During a recent interview, Kayla Wyatt, who is leading the current effort to allow chickens at more homes in Oak Ridge, said it’s an issue of sustainability. People who garden could use chicken compost for gardening—it’s among the best, Wyatt said—and backyard eggs are much healthier and fresher than store-bought eggs, she said. They also have way more nutrients and taste better, she said.
In addition, parents could use the chickens to help teach their children where food comes from and to teach them good eating habits, Wyatt said. It could also help teach responsibility and self-sufficiency, she said. And backyard chickens could be kept in more humane conditions than chickens in large farms, she said.
A few people have said those who want chickens should go live in the country, outside of the city, Wyatt said. But she said many cities—Knoxville, Memphis, Nashville, Atlanta, Seattle, Portland, and New York City among them—allow chickens.
Oak Ridge advocates are only asking for up to six hens and no roosters, Wyatt said.
“We’re definitely willing to compromise,” she said.
Hens can lay eggs about once a day, or sometimes every other day, Wyatt said.
In Knoxville, an officer checks chicken coops, and six hens need a coop of at least 18 square feet and a run that is 90 square feet. There are measures to ensure that the hens are not a nuisance, including the required fencing and clipped wings when fenced enclosures are not covered.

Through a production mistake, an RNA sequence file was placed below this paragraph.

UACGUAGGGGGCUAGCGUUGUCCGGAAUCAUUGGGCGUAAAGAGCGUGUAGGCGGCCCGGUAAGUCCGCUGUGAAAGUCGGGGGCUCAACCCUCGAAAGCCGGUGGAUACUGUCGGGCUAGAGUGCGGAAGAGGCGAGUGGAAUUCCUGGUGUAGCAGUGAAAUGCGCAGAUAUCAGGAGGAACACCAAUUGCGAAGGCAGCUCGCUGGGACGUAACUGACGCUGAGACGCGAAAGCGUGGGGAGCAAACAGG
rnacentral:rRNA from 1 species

Wyatt said she wants to reassure people that the proposal, if approved, won’t make Oak Ridge “trashy.”
“If Knoxville hasn’t had any problems, there shouldn’t be a problem here,” she said. “We’re responsible tax-paying homeowners. We should be able to use our property with good judgement and good stewardship.”
In March, Wyatt, a stay-at-home mother and student at Pellissippi State Community College, said a petition with 333 signatures had been submitted to the city, and she wanted to deliver 100 more.
In Oak Ridge, agricultural animals are currently allowed on land that is zoned RG-1. That property is agricultural and residential, and lots have to be at least 200,000 square feet with setbacks of 50 feet on all sides, with the exception of accessory buildings (farm buildings), which are required to be 100 feet from front lot lines.
There is quite a bit of land on the west end of Oak Ridge that is zoned RG-1 and other pockets of it elsewhere in the city. The so-called backyard chicken proposal would allow hens in other undetermined zoning districts.
In the past, opponents of backyard chickens have cited concerns about potential noise and odors, and they have said the hens could attract predators and other wild animals, including coyotes. Wyatt, who grew up in Oak Ridge and graduated from Oak Ridge High School, responded to those concerns, saying she had neighbors in Orem, Utah, who had chickens, and she didn’t even know because she never smelled or heard them.
“I never knew they were they were,” Wyatt said.
She said Oak Ridge has a lot of green belts, and that’s a perfect environment for animals like coyotes that might eat cats, but chicken coops probably wouldn’t draw the predators because chickens can be locked in at night, when they go to sleep.
While city officials consider their next step, Wyatt plans to continue going to meetings, speaking to customers at the Oak Ridge Farmers Market, and planning to attend this year’s Earth Day Festival in Oak Ridge. She’s hoping to “calm people’s minds and educate them about the benefits.”
It’s not clear how long any study, if approved, might take. It took about one year to pass the ordinance in Knoxville, Wyatt said.
Anyone interested in more information about the proposal can visit the Oak Ridge Backyard Chickens page on Facebook.
You can read the Knoxville ordinance here by scrolling down to Section 5-107 (Domesticated chickens).
More information will be added as it becomes available.